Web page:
One of the great things about living near Manchester is that we have some fabulous Christmas markets. Some people don’t like them and I’ll admit I prefer to go on the quieter days of the week – Monday, Tuesday Wednesday. There’s still a buzz and there’s still plenty to see.
We have local crafts people, local producers of fine foods, and plenty of representation from France, Germany, the Netherlands, Spain and Italy.
We have our own personal shopping list: some nice soaps (usually form one of the French vendors – France takes up most of whole street), some Dutch cheeses, maybe a selection of cold meats form one of the German stalls, a large tub of mixed olives and picked garlic, some Turkish delight, some of that delicious Italian nougat / truffle / fudge. We snap up of course also a Glühwein, and maybe a Bratwurst and some pancakes or poffertjes (Dutch mini pancakes). Chocolate generally comes into the equation as well. We also buy a selection of Dutch biscuits and of course we must have our Stollen and Lebkuchen.
Except that this year we couldn’t find the latter. There was no Stollen and there were no Lebkuchen anywhere on the Christmas markets. There was a stall selling hot Strudel of all kinds, but this was more street food than a chance to catch up on your Christmas shopping.
Was this the beginning of Brexit? Or was it simply that the German vendor who normally brought them didn’t think that they sold too well in England? I asked around a little at the other German stalls and no one could shed any light on this.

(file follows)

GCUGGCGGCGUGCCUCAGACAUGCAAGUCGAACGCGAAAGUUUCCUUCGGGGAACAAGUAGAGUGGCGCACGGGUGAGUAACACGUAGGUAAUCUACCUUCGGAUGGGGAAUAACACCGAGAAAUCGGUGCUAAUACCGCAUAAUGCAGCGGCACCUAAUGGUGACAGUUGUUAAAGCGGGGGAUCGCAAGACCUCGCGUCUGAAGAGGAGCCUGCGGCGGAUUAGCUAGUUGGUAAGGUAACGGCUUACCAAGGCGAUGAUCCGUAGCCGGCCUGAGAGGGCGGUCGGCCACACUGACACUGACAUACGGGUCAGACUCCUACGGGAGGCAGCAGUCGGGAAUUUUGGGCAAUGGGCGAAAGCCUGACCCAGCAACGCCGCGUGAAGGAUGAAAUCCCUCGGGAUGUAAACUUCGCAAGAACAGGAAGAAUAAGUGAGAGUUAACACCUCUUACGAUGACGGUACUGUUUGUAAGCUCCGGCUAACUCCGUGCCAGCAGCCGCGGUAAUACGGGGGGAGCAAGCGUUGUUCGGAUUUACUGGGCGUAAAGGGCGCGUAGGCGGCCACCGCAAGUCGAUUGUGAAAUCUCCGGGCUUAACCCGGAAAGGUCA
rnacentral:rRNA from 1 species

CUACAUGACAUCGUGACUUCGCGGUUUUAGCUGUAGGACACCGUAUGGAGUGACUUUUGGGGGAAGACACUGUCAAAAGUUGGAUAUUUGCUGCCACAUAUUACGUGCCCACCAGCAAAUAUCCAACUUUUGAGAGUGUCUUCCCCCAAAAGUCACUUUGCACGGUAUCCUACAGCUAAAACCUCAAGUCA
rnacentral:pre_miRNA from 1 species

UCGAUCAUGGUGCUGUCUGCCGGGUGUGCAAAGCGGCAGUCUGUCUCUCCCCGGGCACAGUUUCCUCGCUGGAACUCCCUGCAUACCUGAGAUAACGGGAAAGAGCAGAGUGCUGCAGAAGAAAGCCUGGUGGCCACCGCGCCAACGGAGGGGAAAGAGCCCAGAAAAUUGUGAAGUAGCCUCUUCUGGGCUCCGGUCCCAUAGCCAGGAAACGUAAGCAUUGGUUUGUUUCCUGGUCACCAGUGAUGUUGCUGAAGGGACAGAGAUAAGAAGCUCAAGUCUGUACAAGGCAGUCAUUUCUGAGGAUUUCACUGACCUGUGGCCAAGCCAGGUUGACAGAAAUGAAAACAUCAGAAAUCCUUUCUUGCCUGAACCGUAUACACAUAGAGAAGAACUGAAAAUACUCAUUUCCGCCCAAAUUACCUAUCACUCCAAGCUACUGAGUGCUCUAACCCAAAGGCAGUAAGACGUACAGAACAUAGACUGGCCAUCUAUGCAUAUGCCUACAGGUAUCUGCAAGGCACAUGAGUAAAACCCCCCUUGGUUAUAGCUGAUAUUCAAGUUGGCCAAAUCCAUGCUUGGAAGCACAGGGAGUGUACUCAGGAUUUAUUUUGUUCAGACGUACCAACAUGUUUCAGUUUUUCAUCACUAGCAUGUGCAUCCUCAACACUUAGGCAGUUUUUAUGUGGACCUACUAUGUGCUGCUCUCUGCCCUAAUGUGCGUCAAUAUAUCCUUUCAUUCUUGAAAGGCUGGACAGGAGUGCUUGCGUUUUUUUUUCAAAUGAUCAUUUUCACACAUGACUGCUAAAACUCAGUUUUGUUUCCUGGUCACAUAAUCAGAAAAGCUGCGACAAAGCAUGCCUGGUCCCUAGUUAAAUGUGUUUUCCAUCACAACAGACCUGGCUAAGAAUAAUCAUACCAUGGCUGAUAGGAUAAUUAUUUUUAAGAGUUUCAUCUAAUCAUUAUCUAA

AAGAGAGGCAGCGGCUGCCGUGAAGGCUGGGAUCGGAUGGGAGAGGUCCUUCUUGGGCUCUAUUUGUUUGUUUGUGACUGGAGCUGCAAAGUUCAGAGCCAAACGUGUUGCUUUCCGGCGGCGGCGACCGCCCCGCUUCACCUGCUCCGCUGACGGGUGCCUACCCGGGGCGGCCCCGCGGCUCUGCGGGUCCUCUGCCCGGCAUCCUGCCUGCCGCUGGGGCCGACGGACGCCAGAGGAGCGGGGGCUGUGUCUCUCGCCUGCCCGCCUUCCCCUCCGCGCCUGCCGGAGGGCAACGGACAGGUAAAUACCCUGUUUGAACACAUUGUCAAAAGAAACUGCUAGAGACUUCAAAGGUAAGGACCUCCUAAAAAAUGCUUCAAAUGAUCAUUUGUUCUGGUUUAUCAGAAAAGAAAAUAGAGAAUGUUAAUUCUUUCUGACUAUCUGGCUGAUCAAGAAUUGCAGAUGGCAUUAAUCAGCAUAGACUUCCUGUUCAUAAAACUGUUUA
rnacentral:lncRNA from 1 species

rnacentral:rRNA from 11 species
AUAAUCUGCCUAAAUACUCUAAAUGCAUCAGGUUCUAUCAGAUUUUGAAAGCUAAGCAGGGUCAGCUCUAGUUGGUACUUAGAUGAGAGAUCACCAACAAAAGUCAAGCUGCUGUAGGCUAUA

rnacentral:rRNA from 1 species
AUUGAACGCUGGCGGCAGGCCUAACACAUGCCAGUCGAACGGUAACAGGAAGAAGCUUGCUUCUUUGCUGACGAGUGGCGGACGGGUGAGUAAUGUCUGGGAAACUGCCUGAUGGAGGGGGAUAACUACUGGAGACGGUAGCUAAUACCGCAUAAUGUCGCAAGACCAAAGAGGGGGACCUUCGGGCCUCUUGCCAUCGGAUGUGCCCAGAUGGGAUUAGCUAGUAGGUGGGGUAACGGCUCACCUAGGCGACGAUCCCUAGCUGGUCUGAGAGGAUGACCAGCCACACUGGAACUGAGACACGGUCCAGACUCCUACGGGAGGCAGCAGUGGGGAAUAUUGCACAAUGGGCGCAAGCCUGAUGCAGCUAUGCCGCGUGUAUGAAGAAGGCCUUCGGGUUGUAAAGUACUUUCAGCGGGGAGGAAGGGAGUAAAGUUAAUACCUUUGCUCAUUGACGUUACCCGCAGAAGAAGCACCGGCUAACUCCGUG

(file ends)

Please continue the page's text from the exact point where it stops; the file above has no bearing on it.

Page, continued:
Lebkuchen is impossible to make at home and Stollen is difficult. Mind you, Tesco’s own Stollen isn’t bad.
We eventually bought a nice Stollen at the renowned Westmoreland Farm Shop at the Tebay services on the M6. We obtained some Lebkuchen fresh from Nuremberg at a branch delicatessen in the Lake District.
But was the absence of these items at the Christmas markets a sign of what is to come post Brexit? Will it be worth their while coming if there is no Free Trade agreement? Will they be able to come if there is no free movement?
Maybe the Stollen we bought form the farm shop is symbolic of all that is good about having close ties to the EU. It was the best Stollen I’ve ever had and it was made in England. It has improved on the original German recipe. That is what exchange and interaction is all about. Think also of balti, spaghetti hoops and pizza.
At the Christmas markets I ended up buying a tipsy cake. The fruit was soaked in gin. It was gorgeous and was made on an English farm. Fantastic. But it shouldn’t mean that we have to give up our Stollen.